Kirk McAuley received his Ph.D. in British and American literature from the State University of New York, University at Buffalo in 2006. Since then he has taught in the Expository Writing Program at the University of Oklahoma, and the Division of Humanities at New College (the honors college) of Florida. He joined the English Department at WSU in August 2008. McAuley is the recipient of a Fulbright Scholarship at the National Library of Scotland in Edinburgh, UK (2015 – 2016), and he was a Research Fellow at the Robert H. Smith International Center for Jefferson Studies in Charlottesville, VA (May 2011).
Research / Teaching Interests
Eighteenth-Century Studies, British and American Literature & Culture from the colonial period to 1900, Transatlantic Studies, Travel and Empire Writing, Ecology, Environmental Criticism, Print Culture, and Film Studies.
Drawing upon archival materials gathered during a UK Fulbright Scholarship at the National Library of Scotland, and several prior grant-funded trips to the National Library of Jamaica and American Antiquarian Society, McAuley’s current book project advances our understanding of the historical and literary legacy of contemporary ecological crises through close investigation of the interfaces of nature and culture in texts composed mainly by Scottish authors residing at the so-called ‘outer limits’ of the British Empire: the Caribbean, Africa, and the South Pacific. Because the Empire was built around the global transfer of animals and plants, McAuley offers biotic readings of this literature, in order to highlight the human place in nature, as well as to provide practical literary examples of the ways in which, as Margaret Cohen suggests, oceans ‘knot together’ both geographical spaces and timelines.
McAuley’s first book, Print Technology in Scotland and America, 1740–1800(Lewisburg, PA: Bucknell University Press, 2013), investigates the mediation of popular-political culture in Scotland and America, from the transatlantic religious revivals known as the Great Awakening to the U.S. presidential election of 1800. In it, he reveals how seemingly disparate events, including journalism and literary forgery, were important deployments of print not as a liberation technology, but as a mediator of political tensions. McAuley completed this project with the generous support of the Robert H. Smith International Center for Jefferson Studies in Charlottesville, VA. The book was published in Bucknell University Press’s Transits: Literature, Thought, and Culture, 1650–1850 series, which “seeks to provide transformative readings of the literary, cultural, and historical interconnections between Britain, Europe, the Far East, Oceania, and the Americas in the long eighteenth century, and as they extend down to the present time.”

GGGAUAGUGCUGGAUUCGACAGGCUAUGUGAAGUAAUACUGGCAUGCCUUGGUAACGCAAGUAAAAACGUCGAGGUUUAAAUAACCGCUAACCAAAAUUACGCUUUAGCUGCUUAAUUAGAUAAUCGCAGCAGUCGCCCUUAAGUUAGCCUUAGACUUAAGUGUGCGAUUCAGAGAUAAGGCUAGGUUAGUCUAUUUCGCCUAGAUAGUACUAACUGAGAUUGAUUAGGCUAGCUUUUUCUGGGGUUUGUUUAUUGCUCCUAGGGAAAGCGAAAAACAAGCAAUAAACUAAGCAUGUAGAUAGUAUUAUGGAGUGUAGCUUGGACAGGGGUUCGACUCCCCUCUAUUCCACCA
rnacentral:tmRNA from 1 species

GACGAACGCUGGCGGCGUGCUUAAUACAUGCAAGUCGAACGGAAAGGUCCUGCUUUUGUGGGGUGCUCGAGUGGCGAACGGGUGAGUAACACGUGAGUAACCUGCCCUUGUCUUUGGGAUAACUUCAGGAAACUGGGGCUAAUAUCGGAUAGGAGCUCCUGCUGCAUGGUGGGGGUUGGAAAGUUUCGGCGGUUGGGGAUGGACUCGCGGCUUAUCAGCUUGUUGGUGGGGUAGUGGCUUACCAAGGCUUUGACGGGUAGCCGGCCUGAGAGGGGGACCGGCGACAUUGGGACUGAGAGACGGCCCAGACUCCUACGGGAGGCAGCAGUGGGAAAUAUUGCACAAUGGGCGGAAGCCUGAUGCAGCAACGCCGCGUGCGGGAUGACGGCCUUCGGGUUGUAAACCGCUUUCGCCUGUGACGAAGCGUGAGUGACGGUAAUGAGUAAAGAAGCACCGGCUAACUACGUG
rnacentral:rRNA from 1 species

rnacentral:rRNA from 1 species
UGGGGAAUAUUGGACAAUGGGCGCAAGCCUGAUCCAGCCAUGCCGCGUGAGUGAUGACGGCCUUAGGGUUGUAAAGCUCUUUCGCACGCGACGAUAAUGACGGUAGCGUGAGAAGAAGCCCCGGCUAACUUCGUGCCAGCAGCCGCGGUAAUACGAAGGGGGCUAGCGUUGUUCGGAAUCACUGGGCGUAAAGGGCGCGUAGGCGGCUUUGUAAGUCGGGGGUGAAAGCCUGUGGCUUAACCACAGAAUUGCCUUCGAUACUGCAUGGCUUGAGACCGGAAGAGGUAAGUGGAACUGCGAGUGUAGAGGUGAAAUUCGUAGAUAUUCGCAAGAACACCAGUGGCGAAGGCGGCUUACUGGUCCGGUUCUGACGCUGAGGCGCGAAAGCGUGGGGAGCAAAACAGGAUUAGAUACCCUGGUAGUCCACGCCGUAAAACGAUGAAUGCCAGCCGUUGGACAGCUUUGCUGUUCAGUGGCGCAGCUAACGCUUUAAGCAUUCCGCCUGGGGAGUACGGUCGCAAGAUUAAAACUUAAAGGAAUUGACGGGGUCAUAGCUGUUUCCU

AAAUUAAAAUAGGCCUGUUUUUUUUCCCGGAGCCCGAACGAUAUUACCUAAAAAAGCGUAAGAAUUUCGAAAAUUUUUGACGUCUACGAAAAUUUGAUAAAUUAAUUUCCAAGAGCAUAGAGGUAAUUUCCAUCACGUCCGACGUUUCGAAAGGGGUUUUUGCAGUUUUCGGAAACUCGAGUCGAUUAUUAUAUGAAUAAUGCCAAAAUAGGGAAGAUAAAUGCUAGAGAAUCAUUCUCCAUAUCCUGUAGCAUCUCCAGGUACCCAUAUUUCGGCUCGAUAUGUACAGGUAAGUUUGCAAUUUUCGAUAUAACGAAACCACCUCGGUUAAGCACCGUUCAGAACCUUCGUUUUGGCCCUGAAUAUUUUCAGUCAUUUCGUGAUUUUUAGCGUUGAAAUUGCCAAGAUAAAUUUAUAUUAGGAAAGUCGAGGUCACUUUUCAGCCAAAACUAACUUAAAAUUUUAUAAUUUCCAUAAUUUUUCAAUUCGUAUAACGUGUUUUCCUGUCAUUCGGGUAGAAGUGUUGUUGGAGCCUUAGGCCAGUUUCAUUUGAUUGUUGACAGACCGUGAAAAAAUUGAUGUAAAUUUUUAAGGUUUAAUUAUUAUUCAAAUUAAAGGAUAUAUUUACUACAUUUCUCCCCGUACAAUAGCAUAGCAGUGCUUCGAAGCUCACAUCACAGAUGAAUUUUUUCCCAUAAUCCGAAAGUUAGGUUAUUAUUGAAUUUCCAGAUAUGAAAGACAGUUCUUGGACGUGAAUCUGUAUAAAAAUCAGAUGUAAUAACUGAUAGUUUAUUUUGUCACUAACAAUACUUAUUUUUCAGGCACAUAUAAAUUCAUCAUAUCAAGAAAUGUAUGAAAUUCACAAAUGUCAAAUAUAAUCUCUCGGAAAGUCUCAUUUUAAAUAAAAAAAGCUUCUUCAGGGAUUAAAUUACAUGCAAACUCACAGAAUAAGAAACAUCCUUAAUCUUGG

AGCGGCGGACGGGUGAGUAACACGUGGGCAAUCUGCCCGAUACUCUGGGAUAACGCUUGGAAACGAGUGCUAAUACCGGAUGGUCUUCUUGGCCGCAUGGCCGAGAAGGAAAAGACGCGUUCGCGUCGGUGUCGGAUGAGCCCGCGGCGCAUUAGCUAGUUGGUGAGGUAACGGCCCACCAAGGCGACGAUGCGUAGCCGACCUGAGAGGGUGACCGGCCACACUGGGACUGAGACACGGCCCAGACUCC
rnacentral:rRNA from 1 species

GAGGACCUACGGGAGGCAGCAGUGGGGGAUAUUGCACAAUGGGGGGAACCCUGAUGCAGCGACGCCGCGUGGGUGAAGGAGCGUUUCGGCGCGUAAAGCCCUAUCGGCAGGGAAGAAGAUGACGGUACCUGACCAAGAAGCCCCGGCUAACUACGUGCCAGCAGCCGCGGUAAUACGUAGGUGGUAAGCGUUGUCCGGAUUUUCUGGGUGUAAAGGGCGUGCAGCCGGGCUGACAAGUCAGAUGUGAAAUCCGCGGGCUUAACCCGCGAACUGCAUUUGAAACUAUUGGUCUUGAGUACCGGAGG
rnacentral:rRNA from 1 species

Print Technology in Scotland and America, 1740–1800 (Bucknell University Press, 2013)
Peer-Reviewed Articles and Book Chapters
“‘Calcutta Still Haunts My Imagination’: The Confusion of Old and New World Ecologies in Early Caribbean Literature,” The Edinburgh Companion to Atlantic Literary Studies, edited by Clare Elliot and Leslie Eckel (Edinburgh University Press, 2016)
“Romantic Recycling: The Global Economy and Secondhand Language in Equiano’s Interesting Narrative and the Letters of the Sierra Leone Settlers,” with Debbie Lee (Co-Author), Global Romanticism: Origins, Orientations, and Engagements, 1760 – 1820, edited by Evan Gottlieb (Bucknell University Press, 2014)
“‘What’s Love Got To Do With It?’: Sympathy, Antipathy, and the Unsettling of Colonial American History in Film,” A Companion to Historical Film, edited by Constantin Parvulescu and Robert A. Rosenstone (Oxford: Wiley-Blackwell Publishing, 2013), 513 – 539.
“‘Art Transforms the Savage Face of Things’: Scottish Identity & the ’45 Jacobite Rebellion in James Grainger’s West-Indian Georgic, The Sugar Cane,” Symbiosis: A Journal of Anglo-American Literary Relations, Volume 16, Issue 1 (April 2012), 95 – 112.
“Anti-Slavery Poetry,” Encyclopedia of Romantic Literature, Frederick Burwick, Nancy Goslee, and Diane Hoeveler, editors (Oxford: Wiley-Blackwell Publishing, 2012), 38 – 47.
“Periodical Visitations”: Yellow Fever as Yellow Journalism in Charles Brockden Brown’s Arthur Mervyn,” Eighteenth-Century Fiction 19:3 (Spring 2007), 307 – 340.
- Avery Hall 202A